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They come in at the bottom. They just don't stay until the top.

Deutsche Bank's gender figures illustrate banks' women problem

It's not just bonus numbers that are included in today's Deutsche Bank annual report. As is always the case, the German bank also has a detailed section on its employees. If you're a woman either at DB or elsewhere in the banking industry, they're frankly a bit depressing. 

As the chart below, based on DB's figures show, there are lots of women at Deutsche Bank. It's just that they're in junior jobs. As you go up through the ranks, the proportion of women falls and falls. - And very little real progress has been made for years. 

 

Deutsche Bank might dispute this on the grounds that there have been fractional increases in the proportion of women working in its most senior ranks. - At managing director level, for example, women were 18.1% of the total in 2018 and 18.4% of the total in 2020. But is a 30 basis point improvement really such a big deal? 

In Deutsche Bank's defence, it's undoubtedly not the only bank with this issue. When Goldman Sachs released its sustainability report for 2019, it said that 49% of its analyst class were women, compared to only 29% of its newly promoted managing directors. 

Why don't women make it to the top? The too facile assumption is that they leave to have families or do something else. In fact, women tell us they leave because they find it hard to get promoted.  "Because most senior people in finance are men, those sponsors will also be male. If you’re a woman who’s been focused on excelling within a role, it can be a struggle to find 10 managing directors (MDs) globally who will sponsor you; you just don’t have that natural network," one successful female MD said here month.

Have a confidential story, tip, or comment you’d like to share? Contact: sbutcher@efinancialcareers.com in the first instance. Whatsapp/Signal/Telegram also available. Bear with us if you leave a comment at the bottom of this article: all our comments are moderated by human beings. Sometimes these humans might be asleep, or away from their desks, so it may take a while for your comment to appear. Eventually it will – unless it’s offensive or libelous (in which case it won’t.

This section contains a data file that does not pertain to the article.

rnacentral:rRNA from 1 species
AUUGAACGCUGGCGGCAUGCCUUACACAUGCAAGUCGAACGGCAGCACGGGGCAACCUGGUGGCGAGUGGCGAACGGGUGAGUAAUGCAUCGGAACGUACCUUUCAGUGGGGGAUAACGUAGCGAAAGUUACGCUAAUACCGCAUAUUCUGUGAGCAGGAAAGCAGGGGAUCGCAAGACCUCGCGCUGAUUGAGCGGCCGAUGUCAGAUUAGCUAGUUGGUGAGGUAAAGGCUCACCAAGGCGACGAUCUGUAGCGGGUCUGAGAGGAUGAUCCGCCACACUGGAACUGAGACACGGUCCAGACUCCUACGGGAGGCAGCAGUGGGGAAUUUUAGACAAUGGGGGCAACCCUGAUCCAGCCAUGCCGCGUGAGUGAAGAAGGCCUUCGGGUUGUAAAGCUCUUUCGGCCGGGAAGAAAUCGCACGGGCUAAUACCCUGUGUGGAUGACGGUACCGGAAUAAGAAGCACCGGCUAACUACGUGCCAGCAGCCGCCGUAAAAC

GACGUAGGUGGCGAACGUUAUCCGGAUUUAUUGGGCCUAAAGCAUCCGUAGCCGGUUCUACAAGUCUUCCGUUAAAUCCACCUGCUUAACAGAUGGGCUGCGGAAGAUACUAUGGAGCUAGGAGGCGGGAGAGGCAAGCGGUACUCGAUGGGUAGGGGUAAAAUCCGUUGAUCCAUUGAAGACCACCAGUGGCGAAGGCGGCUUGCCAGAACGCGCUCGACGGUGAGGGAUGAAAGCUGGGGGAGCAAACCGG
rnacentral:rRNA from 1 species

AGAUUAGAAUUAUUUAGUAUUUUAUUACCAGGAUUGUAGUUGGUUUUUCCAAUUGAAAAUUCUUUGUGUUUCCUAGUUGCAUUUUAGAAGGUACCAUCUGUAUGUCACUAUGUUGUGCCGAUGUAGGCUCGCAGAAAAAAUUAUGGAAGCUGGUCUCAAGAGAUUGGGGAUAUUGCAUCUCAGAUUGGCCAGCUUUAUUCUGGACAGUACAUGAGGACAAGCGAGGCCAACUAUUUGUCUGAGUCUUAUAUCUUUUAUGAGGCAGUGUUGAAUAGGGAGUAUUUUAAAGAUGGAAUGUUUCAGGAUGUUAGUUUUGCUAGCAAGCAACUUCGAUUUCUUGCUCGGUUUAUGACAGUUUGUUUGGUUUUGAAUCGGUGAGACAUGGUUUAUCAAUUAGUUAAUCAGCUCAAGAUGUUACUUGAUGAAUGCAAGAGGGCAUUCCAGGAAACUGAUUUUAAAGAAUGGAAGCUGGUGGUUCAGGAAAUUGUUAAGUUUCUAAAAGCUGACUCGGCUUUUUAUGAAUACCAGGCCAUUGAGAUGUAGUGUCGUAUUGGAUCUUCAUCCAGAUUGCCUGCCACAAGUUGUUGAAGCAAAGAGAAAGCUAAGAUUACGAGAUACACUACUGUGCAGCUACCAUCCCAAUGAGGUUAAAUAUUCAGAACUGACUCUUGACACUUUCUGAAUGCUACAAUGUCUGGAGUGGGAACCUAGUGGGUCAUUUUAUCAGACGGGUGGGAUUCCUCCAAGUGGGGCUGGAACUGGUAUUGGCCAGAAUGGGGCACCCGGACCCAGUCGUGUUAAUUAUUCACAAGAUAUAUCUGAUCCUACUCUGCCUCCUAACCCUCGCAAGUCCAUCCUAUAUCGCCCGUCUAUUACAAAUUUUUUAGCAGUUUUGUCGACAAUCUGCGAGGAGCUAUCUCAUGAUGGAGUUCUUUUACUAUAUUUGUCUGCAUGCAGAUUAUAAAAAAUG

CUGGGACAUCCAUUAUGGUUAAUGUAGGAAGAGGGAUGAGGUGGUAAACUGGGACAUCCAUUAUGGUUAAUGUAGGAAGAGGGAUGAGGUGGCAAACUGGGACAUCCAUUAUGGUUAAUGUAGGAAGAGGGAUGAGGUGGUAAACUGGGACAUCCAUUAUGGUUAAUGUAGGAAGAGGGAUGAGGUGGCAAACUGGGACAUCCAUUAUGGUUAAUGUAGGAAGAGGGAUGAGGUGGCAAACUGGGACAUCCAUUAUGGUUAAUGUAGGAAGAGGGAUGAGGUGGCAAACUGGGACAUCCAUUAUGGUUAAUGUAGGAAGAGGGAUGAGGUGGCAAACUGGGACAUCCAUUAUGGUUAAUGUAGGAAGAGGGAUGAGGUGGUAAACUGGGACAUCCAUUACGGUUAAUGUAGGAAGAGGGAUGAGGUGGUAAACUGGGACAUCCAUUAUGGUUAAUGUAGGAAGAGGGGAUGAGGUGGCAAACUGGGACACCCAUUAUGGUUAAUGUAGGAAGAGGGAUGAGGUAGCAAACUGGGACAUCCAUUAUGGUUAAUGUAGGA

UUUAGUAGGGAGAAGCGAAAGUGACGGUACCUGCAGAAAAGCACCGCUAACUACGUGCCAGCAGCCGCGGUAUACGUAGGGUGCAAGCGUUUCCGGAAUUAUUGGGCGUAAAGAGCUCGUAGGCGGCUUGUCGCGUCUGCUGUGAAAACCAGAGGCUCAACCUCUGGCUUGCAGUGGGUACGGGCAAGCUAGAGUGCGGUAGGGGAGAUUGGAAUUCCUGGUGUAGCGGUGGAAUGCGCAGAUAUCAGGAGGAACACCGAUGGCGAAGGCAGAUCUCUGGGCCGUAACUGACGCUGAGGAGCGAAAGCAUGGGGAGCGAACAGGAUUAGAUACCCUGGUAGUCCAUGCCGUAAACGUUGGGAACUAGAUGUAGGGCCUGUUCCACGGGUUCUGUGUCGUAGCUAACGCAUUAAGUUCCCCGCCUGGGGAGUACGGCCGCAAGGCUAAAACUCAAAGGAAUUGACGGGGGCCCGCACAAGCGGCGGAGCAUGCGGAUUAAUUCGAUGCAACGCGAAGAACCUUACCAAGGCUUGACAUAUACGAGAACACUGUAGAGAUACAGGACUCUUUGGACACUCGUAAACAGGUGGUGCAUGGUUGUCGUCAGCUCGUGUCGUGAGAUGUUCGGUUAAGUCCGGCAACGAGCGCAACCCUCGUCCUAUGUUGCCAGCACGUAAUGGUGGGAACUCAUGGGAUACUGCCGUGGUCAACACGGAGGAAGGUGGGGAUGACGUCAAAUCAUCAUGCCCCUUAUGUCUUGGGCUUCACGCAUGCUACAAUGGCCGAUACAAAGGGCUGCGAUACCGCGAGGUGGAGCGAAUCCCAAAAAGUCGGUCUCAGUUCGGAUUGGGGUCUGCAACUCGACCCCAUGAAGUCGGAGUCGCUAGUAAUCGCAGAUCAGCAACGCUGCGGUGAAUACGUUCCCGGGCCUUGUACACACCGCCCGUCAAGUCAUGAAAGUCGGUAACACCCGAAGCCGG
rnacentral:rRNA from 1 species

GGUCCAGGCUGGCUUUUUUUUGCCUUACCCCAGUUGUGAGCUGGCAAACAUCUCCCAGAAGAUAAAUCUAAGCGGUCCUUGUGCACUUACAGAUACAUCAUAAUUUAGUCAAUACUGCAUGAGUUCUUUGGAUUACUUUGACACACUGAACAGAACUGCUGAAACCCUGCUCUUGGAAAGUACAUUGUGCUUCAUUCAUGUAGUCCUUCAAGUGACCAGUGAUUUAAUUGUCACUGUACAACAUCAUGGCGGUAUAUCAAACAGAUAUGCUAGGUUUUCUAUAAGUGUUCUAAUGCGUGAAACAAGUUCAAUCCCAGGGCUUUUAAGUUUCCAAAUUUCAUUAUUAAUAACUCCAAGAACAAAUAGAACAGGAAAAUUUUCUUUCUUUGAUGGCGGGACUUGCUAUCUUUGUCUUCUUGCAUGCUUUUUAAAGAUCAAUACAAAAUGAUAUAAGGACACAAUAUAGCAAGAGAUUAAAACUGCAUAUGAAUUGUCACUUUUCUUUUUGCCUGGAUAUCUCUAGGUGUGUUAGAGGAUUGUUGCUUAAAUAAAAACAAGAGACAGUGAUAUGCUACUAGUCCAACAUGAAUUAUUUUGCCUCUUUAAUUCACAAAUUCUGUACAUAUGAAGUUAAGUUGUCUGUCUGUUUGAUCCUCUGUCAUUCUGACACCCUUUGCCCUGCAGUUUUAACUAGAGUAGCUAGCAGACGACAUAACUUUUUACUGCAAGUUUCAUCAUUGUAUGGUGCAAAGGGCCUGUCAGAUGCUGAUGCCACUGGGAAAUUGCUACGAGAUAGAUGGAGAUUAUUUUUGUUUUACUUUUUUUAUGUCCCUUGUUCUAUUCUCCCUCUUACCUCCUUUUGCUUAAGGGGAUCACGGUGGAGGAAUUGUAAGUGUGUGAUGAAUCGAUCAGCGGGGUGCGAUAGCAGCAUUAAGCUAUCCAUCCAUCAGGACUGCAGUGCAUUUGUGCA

Photo by Library of Congress on Unsplash

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AUTHORSarah Butcher Global Editor
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  • Mi
    Minnow
    17 March 2021

    All those women cruelly passed over for promotion by the patriarchy should come on over to Morgan Stanley. We'll hire and promote anyone as long as they have ovaries. Actual ability and talent are irrelevant.

  • Gu
    Guest
    16 March 2021

    Women leave to look after their children, focus on their family, etc. That is just a fact. There is no discrimination and women are certainly not disadvantaged. If anything, they have the upper hand when it comes to being recruited and/or promoted.

  • An
    Anon
    15 March 2021

    What is the percentage of suitable candidates?

  • An
    Anonymous
    15 March 2021

    Most banks have bent over backwards to promote women in the last few years - there really isn't much more that can be done unless they start to actively discriminate against men, which is what many of them already do.

  • An
    Anon
    14 March 2021

    Although of course virtually every bank has female only networks, and none have male only networks.

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